I think that President Kimball’s approach is the one to learn the most from in the modern church. Church leaders DO listen and consider heartfelt requests from faithful members for changes in the church. However, they are naturally antagonistic towards grass-roots progressive activism.

    I believe the church’s ban on women and the priesthood is a natural byproduct of the culture and values of those who lead and serve in the church. It is not likely to change, nor would a change reflect a natural shift in the ideals and attitudes of the general LDS populace. It would be artificially progressive. But I see no doctrinal reason why it couldn’t theoretically change. Women have the priesthood in the temple. There were prophetesses and leader women in the Bible.

    But today’s church is made up of people who believe in the arguments Chris has presented, so it would be unnatural, and unnescessary for God to revoke the ban on women.

  5. Nate, it shouldn’t be debatable that the rising generation of saints would have suffered immensely if the women shouldered the Priesthood in addition too the men, 100+ years ago. Imagine the children of the Moyle family if the Father and the Mother left the home? The burden of the family fell on the Mother because the Father was shouldering the burden of the church. That does not trivialize or diminish the role of the Mother, it adds to it! This have changed… Women have more time and aren’t really as family centric in their daily activities (not a value judgement, just saying 4hrs not spent on bread and laundry necessarily means there are 4hrs done in something that likely isn’t directly for the family) so they look to fill the gap with church service (something meaningful, to their credit). Maybe Priesthood becomes more possible because of the advances of modernity.

    But I think society does appear to have a suffered spiritually in proportion to the advances and comforts we’ve made physically. Maybe ordination is the panacea. I’m talking theoretically here, not arguing for. My internal feeling is we need a renewed focus on the family with our TIME not our platitudes. I don’t see how women shouldering more church administration advances the time spent with families. BTW, administration does seem to be what we’re talking about, not power in the Priesthood through service and righteousness as women in Zion already have those blessings available do they not?

  6. “Women have the priesthood in the temple.” And you believe that because of what? What church leaders, living or dead, has said women have the priesthood in the temple?

  7. Good catch IDIAT. Women do NOT have the priesthood in the temple. Temple workers receive authority to perform some ordinances on behalf of the priesthood. Women also receive some priesthood ordinances (just as they receive baptism through the priesthood outside of the temple).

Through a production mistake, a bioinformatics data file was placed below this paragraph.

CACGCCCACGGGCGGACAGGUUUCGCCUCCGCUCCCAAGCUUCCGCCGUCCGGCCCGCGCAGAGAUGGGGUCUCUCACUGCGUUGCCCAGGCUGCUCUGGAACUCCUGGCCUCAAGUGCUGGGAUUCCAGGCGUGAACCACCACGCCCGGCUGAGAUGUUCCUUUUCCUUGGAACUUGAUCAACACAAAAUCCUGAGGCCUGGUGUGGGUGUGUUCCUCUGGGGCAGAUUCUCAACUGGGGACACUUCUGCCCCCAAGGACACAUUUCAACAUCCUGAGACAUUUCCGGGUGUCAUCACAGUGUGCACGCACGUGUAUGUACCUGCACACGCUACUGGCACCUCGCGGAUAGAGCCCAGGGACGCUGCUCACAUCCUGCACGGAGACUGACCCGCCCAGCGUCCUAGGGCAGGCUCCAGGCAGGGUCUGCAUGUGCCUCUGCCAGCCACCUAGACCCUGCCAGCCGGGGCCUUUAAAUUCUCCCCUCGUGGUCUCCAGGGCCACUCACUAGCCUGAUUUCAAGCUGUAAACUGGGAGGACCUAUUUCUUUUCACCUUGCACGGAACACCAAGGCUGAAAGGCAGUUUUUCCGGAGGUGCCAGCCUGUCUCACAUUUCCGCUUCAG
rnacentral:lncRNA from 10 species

8. Women are ordained to become priestesses in the temple. It’s right in the ceremony.

    Chris, I’m not disagreeing with any of your pragmatic arguments that fit our time and our culture. They are all good arguments. I’m only saying that apart from those pragmatic considerations, there doesn’t seem to be any reason why women couldn’t theoretically hold the priesthood.

    Ordaining women would nescessitate a considerable cultural rewrite in the way we think about women’s and men’s roles in current church culture. This rewrite seems to me to be neither nescessesary, nor desirable, considering who we are as a people, and what our values are.

    I just don’t see these kind of gender roles and priesthood bans as nescessarily eternal in nature, given that they are ordained priestesses in the temple, and that there were prophetesses in the Old Testament.

    To me, the ban on women in the priesthood seems to fit comfortably within cultural notions in Western religious life. But there may come a time when that changes. Not because of “civil rights” or anything like that. But simply because the values of our church have changed, the culture has changed, and people start thinking about things in new ways. Then the brethren might ask: “should we ordain women?”

    Right now, there is absolutely no reason for the brethren to ask that question, given the concerns and attitudes Chris has brought up, and the fact that these concerns permeate church conciousness.

  9. A few points –

    Women and men do not receive the same in the Temple, as women are specifically placed below their husbands in the endowment.

    Motherhood and Priesthood are not equal, and are not a good example of how neither can work fully without both genders. Motherhood is not given to all women, nor is it dependant on being given from one person to the next. Priesthood does not require women for almost all of its work. Aaronic Priesthood holders are generally not married, and have full use of their Priesthood. As it is, single mothers have to get Priesthood blessings from soneone outside their home, while single fathers can bless their children without getting a woman to allow for the “fullness” of the Priesthood.

    The “I’d be too busy” and “It would take both parents away from home” excuses don’t work, as the same arguments had been used when considering ordaining all white males over 12 and considering ordaining all worthy males. I am sure there were plenty of men who needed to have more time with their families or felt too overwhelmed with the work they already had to do (inside and outside the Church), and would have rather stayed unordained.